Iconic McLaren P1 Celebrates 10th Anniversary, We're All Still Very Impressed

McLaren P1 9 photos
Photo: McLaren
McLaren P1McLaren P1McLaren P1McLaren Artura and P1McLaren P1McLaren P1McLaren P1McLaren P1 and Artura
If we were to create a list of the best supercars ever, the McLaren P1 would surely be on it. This month, McLaren celebrates the P1’s tenth anniversary. Unveiled as “the best driver’s car in the world on both road and track,” this stunning machine really blew the public away.
McLaren debuted the production version of the P1 at the 2012 Geneva Motor Show. It represented a milestone for both the company and the automotive industry, as it was the first hybrid supercar in the world. Its legacy lived on in other of McLaren’s hybrid models, such as the Speedtail or the newer Artura.

The company clearly had significant ambitions with the P1. It’s safe to say that they didn’t disappoint, both with the design and technical specifications. The Geneva Motor Show was the ideal place to showcase its beauty, but the P1 cemented its credentials by lapping the famous Nürburgring Nordschleife, completing it in under seven minutes.

Part of what gave the McLaren its high-performance capabilities was the 3.8-liter, twin-turbocharged V8 engine that developed 727 hp (737 ps). Add to that the lightweight electric motor capable of producing 176 hp (179 ps), and the total output stood at an impressive 903 hp (916 ps). These technical specs enabled the P1 to reach astonishing performance. It could speed up to 100 kph (62 mph) in just 2.8 seconds, could do 0-200 kph (124 mph) in 6.8 seconds, and 0-300 kph (186 mph) in 16.5 seconds – that’s five seconds quicker than the legendary McLaren F1. If you were to push it to the limit, the P1 maxed out at 350 kph (217 mph).

McLaren P1
Photo: McLaren
The immense top speed definitely helped make the P1 more popular. Still, the car also proved an important point: that electrification is worth exploring, as it can enhance modern turbocharged powertrains. Furthermore, there were other advantages to being partly electrified - using its electric motor, the vehicle could run in full electric zero-emissions mode for short-distance town riding.

Besides the powertrain, the P1 benefitted from two of McLaren’s strengths: refined aerodynamics and low weight. The vehicle featured a MonoCage carbon fiber monocoque, which was based on the MonoCell structure used in McLaren’s 12C supercar. It’s part of the reason why the P1 is so light, tipping the scales at 1,395 kg (3,075 lbs.) dry, with a DIN weight of 1,498 kg (3,303 lbs.), so that’s including everything needed to operate it and a tank of fuel at least 90% full.

Carbon fiber was also used for the body panels of the McLaren P1 – you’ll find a large clamshell, single-molded front and rear panels attached to the central MonoCage, two small access flaps in the rear, as well as a front bonnet and the two doors. They were all made from the lightweight and strong carbon fiber, adding up to a weight of only 90 kg (198 lbs.).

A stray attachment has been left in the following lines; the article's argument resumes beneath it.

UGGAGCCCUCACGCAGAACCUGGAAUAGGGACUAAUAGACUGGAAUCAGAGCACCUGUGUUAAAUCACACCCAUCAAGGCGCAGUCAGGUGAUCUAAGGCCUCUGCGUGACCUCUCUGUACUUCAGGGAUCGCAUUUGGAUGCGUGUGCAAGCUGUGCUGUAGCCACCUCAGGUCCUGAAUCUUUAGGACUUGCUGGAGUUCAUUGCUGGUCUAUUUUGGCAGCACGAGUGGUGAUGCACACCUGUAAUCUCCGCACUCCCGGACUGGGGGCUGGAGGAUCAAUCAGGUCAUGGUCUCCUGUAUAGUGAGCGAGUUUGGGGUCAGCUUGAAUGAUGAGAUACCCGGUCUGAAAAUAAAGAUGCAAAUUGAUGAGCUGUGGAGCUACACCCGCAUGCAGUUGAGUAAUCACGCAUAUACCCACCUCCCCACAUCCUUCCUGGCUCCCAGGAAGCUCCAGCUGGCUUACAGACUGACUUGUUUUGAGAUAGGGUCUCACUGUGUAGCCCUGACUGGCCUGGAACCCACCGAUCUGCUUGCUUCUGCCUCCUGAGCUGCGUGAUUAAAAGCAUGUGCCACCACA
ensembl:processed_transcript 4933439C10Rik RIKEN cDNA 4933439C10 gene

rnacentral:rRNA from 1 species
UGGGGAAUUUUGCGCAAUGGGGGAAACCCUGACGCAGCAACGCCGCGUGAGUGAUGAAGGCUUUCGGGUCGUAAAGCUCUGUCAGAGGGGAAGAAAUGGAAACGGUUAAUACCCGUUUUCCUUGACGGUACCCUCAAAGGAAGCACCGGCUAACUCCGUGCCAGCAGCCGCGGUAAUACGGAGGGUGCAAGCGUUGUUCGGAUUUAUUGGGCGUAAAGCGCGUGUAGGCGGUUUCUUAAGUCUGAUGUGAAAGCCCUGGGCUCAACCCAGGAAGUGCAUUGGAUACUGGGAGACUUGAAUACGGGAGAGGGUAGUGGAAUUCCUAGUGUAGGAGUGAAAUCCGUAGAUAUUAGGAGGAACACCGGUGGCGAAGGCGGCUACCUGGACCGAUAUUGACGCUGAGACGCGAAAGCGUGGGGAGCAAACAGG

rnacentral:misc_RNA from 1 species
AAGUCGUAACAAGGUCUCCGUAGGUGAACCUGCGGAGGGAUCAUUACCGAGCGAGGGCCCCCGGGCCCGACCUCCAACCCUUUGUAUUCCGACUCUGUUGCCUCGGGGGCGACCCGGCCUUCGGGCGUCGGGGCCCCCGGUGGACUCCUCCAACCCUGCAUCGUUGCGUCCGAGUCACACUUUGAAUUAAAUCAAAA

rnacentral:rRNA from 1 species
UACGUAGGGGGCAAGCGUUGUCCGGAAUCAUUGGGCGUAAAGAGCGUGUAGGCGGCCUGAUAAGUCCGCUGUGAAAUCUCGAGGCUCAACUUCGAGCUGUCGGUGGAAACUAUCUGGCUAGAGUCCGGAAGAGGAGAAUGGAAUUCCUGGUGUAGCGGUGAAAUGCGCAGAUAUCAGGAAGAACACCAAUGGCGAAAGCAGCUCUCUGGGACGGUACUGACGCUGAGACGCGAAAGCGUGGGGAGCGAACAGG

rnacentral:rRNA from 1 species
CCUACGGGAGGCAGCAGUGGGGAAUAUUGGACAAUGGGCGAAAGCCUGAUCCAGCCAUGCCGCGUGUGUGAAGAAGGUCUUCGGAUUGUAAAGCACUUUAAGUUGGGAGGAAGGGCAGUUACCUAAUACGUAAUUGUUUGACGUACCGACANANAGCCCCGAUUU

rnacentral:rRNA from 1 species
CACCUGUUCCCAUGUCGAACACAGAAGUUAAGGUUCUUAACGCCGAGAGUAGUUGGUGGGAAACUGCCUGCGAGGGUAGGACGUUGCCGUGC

McLaren P1
Photo: McLaren
Another notable element regarding the P1’s low weight is the hybrid battery, which was housed low inside the carbon fiber MonoCage – it weighed a mere 96 kg (212 lbs.). Moreover, the same weight reduction strategy is applied in the Artura.

McLaren went even further and took other measures to ensure the lowest weight possible. For instance, the P1 wasn’t equipped with floor carpets, as they were considered unnecessarily heavy. Furthermore, the machine didn’t feature any sound deadening – the glass was reengineered to have less weight. The super lightweight roof glass was chemically toughened, with a thickness of just 2.4 millimeters (0.09 inches). The windscreen is just a bit thicker, with 3.2 millimeters (0.13 inches), including a plastic interlayer.

Now, let’s move on the efficient aerodynamics, a signature trait of any McLaren vehicle. Perhaps the element that stands out most regarding the P1’s aerodynamics is its massive rear wing, which adjusts automatically. It can extend rearwards by up to 300 millimeters (11.8 inches) on track and 120 millimeters (4.7 inches) on road.

McLaren P1
Photo: McLaren
The rear wing used the same software and methodology as the McLaren Formula 1 team. It also integrated a DRS (Drag Reduction System), which reduced downforce and increased straight-line speed. After many hours spent in a wind tunnel and lots of CFD (computational fluid dynamics) aerodynamic modeling, McLaren made the P1 capable of achieving a downforce of 600 kg (1,323 lbs.) at well below maximum speed.

It took just a few months for the McLaren P1 to be sold out, as it was highly desirable from the moment it was revealed. Moreover, only 375 units were built. The final car was completed in December 2015.

To this day, the McLaren P1 remains an astonishing piece of machinery that can still go head-to-head with many of today’s supercars. The British brand proved that blending thrilling dynamics with EV driving capabilities is a winning combination, and it paved the way for future electrified racing supercars.
If you liked the article, please follow us:  Google News icon Google News Youtube Instagram
Press Release
About the author: Mircea Mazuru
Mircea Mazuru profile photo

Starting out with a motorcycle permit just because he could get one two years earlier than a driver's license, Mircea keeps his passion for bikes (motor or no motor) alive to this day. His lifelong dream is to build his own custom camper van.
Full profile


Would you like AUTOEVOLUTION to send you notifications?

You will only receive our top stories